According to the American Chiropractic Society, 68-80% of the U.S. population is deficient in the essential mineral magnesium.
I just found out that my levels were low so I wanted to share what I have recently learned about this subject.
Why is this happening? The reason that most of our population is deficient magnesium is because of ongoing soil erosion has significantly depleted the mineral content of our soil within the last century. Consequently, many fruits and vegetables that were once rich in magnesium no longer contain it in adequate amounts, resulting in widespread deficiencies.
Symptoms of low magnesium could include:
- Muscle twitches and cramps
- Mental disorders like depression and anxiety
- Increased risk of osteoporosis and bone fractures
- High blood pressure
- Fatigue and muscle weakness
- Irregular heart beat
- Insomnia and more
How to find out if you are deficient in magnesium: Most physicians measure magnesium with a simple blood test, and many people are then informed that their levels are normal. But to get an accurate reading, you need to measure intracellular magnesium levels, which can be done by testing red blood cells.
While you can request an RBC (red blood cell) magnesium test via a blood test during a visit to your doctor or healthcare provider, you can also order one yourself through an independent lab, such as Lab Corps or Direct Labs.
The ideal range for RBC magnesium levels is 6.0 to 6.5 mg/dl (the normal reference range is 4.2 to 6.8 mg/dl).
To get more of this essential mineral in your diet, make sure you are getting plenty of foods that are high in magnesium.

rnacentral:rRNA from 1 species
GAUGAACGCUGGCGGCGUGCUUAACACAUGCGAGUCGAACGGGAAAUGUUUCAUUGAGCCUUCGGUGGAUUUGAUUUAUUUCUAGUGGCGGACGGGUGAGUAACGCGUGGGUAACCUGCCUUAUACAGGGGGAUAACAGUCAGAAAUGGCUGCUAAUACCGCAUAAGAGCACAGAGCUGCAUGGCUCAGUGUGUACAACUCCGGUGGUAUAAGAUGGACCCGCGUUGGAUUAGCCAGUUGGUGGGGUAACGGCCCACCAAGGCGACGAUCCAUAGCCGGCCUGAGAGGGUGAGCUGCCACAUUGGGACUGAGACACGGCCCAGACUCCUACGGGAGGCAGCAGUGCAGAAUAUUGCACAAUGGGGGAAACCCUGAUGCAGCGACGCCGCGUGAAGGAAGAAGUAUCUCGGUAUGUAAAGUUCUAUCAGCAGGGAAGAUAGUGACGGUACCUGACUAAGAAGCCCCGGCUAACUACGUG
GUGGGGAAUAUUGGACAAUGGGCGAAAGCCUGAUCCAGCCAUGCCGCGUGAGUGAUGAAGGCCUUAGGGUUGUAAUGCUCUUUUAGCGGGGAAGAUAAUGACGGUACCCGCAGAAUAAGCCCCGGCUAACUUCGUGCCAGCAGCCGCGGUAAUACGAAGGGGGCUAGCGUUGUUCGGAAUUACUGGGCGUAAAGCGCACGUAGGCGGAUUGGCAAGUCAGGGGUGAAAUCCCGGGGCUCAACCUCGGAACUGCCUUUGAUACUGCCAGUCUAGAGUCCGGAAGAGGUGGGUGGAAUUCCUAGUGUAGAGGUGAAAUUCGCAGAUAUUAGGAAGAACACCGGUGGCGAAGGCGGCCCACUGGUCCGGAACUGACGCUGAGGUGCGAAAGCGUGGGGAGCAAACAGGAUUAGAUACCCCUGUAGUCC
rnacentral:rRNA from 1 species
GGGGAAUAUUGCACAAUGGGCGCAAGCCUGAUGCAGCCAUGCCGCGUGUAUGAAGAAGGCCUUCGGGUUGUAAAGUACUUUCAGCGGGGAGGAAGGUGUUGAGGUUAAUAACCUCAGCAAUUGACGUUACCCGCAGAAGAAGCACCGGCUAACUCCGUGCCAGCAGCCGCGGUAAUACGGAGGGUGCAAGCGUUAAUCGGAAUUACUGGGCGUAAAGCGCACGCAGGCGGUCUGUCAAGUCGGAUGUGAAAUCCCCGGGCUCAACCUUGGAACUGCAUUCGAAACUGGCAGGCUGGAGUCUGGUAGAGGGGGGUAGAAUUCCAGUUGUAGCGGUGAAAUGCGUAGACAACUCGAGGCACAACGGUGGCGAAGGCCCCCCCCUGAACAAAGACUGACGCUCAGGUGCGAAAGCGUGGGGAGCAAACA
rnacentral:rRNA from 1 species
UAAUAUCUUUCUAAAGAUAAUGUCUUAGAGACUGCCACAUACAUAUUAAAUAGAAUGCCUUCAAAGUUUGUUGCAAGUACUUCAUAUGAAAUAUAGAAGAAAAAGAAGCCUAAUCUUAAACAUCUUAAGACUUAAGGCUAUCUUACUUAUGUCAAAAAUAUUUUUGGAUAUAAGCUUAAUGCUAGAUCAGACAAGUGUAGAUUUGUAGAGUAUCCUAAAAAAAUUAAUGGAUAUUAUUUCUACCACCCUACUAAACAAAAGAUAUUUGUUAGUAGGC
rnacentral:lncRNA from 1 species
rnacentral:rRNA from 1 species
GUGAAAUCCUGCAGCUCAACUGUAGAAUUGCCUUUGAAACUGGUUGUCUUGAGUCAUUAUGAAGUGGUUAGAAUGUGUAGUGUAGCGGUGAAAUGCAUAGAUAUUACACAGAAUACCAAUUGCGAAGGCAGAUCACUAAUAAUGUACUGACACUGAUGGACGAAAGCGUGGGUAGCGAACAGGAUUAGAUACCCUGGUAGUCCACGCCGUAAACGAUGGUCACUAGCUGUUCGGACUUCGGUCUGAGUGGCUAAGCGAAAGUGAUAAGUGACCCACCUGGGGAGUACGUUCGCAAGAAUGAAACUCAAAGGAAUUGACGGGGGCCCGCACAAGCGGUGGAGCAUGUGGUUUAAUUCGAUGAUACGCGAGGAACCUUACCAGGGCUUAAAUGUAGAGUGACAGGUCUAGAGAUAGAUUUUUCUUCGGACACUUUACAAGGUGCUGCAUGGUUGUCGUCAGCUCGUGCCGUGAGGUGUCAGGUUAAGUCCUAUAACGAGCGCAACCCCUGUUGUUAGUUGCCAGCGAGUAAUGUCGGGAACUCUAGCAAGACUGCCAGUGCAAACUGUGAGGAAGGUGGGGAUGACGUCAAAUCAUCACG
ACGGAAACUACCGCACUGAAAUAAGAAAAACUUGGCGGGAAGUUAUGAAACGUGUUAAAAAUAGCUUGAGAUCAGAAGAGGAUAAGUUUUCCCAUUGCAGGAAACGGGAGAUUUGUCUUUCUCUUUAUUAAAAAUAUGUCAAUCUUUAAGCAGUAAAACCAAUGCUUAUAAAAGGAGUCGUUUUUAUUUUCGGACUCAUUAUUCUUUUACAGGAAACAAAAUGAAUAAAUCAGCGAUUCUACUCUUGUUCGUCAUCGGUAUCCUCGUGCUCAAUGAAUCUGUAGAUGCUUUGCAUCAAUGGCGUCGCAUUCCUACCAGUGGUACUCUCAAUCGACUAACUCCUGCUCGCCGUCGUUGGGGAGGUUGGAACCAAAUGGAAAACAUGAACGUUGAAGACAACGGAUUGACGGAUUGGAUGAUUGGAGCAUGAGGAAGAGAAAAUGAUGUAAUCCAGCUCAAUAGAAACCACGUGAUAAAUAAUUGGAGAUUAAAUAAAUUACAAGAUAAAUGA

Top 11 foods that are rich in magnesium:
- Dark Chocolate
- Whole Grains
- Brown Rice/Quinoa
- Some fatty fish-salmon, mackeral, halibut
- Dark Leafy Greens
BUT, because our soil is depleted in magnesium, fruits and vegetables that were once high in magnesium often don’t contain nearly the levels that they did many years ago. Due to this, if you are low in magnesium, you will probably need to add a supplement to your diet via your doctor’s recommendation.
The Best Forms Of Magnesium
Magnesium citrate — Magnesium citrate is the most popular magnesium supplement, probably because it is inexpensive and easily absorbed. Since citric acid is a mild laxative, magnesium citrate functions as a constipation aid as well as a magnesium source. It is a great choice for individuals with rectal or colon problems but is unsuitable for those with loose bowel movements.
Magnesium taurate — Magnesium taurate is the best choice of magnesium supplement for people with cardiovascular issues, since it is known to prevent arrhythmias and guard the heart from damage caused by heart attacks. Magnesium taurate is easily absorbed (magnesium and taurine stabilize cell membranes together), and it contains no laxative properties.
Magnesium malate — Magnesium malate is a fantastic choice for people suffering from fatigue, since malic acid — a natural fruit acid present in most cells in the body — is a vital component of enzymes that play a key role in ATP synthesis and energy production. Since the ionic bonds of magnesium and malic acid are easily broken, magnesium malate is also highly soluble.
Magnesium glycinate — Magnesium glycinate (magnesium bound with glycine, a non-essential amino acid) is one of the most bioavailable and absorbable forms of magnesium, and also the least likely to induce diarrhea. It is the safest option for correcting a long-term deficiency.
Magnesium chloride — Though magnesium chloride only contains around 12 percent elemental magnesium, it has an impressive absorption rate and is the best form of magnesium to take for detoxing the cells and tissues. Moreover, chloride (not to be confused with chlorine, the toxic gas) aids kidney function and can boost a sluggish metabolism.
Magnesium carbonate — Magnesium carbonate is another popular, bioavailable form of magnesium that actually turns into magnesium chloride when it mixes with the hydrochloric acid in our stomachs. It is a good choice for people suffering from indigestion and acid reflux, since it contains antacid properties.
I hope that you found this article informative! Please leave your comments below or share your experience with any magnesium supplements or testing.
Thanks for reading!